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Prince Philip’s casket will ride in a custom Land Rover he helped design
Used by the British Army, the Land Rover Defender 130 Gun Bus has various uses in the military.
The husband of the Queen of England, Prince Philip, passed away a couple of days ago, and his funeral procession is scheduled for this coming Saturday. Just two months shy of his 100th birthday when he died, the Duke had prepared ahead. According to the palace, he even had a hand in designing the custom Land Rover that will carry him to his final resting place at Frogmore Gardens, on the grounds of Windsor Castle.
The hearse is believed to be a modified Defender 130 Gun Bus that was delivered to the palace in 2016; a second Defender is on standby as a backup.
“We have just delivered a totally rebuilt 130 Defender Gun Bus to the Duke of Edinburgh for use on one of the Estates,” read a Facebook post by Foley Specialist Vehicles in 2016. “Built to his specifications in the traditional Deep Bronze Green to an 'As New' standard. Built onto a galvanized chassis and hand-built rear body.”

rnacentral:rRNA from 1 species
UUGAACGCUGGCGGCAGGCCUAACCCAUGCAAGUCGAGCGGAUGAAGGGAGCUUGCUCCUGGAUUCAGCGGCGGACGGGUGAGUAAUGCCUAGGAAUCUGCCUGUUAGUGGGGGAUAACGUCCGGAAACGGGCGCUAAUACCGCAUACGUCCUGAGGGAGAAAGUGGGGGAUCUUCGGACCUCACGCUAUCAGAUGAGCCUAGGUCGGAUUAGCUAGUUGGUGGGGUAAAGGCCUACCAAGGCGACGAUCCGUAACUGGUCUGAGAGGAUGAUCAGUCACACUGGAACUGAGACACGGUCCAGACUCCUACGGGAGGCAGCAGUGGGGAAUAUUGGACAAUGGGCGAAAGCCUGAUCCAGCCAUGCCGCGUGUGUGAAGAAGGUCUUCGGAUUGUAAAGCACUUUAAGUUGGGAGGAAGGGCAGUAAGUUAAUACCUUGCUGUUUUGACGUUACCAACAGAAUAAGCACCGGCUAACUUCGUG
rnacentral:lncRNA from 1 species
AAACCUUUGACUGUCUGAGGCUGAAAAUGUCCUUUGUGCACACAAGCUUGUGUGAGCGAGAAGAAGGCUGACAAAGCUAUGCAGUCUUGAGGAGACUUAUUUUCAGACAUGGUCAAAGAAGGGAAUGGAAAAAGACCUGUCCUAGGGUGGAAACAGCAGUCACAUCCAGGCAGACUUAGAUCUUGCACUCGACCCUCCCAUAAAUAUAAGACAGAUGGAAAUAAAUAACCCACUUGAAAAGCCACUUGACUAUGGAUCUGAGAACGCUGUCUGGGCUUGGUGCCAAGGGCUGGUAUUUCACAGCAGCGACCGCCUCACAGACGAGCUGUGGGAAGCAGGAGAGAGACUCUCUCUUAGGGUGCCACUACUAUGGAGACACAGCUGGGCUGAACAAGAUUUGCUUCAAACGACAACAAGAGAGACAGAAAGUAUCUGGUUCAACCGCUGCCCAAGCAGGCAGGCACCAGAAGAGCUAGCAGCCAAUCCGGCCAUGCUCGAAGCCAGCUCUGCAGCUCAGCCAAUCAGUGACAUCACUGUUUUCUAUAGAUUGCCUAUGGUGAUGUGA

Used by the British Army, the Land Rover Defender 130 Gun Bus has various uses in the military. It’s a big vehicle with an untold number of potential variations and options.
Land Rover as a brand has had a long-standing relationship with the royal family; Queen Elizabeth’s father George VI was presented with the 100th Land Rover in 1948. Incidentally, the Queen has never taken a driving test. In fact, she’s the only UK resident who is allowed to drive without a license.
In 2016, the Queen and Prince Philip paraded through Windsor in a custom topless burgundy Range Rover, waving to the crowd. It’s not unusual to see any members of the royal family riding without a seatbelt, either. Prince Philip wasn’t wearing one in 2019 when he was driving a Land Rover LR2 (called a Freelander 2 in the UK) and was t-boned by a Kia, causing the royal’s vehicle to flip. He escaped without serious injury but gave up his driver’s license after that crash.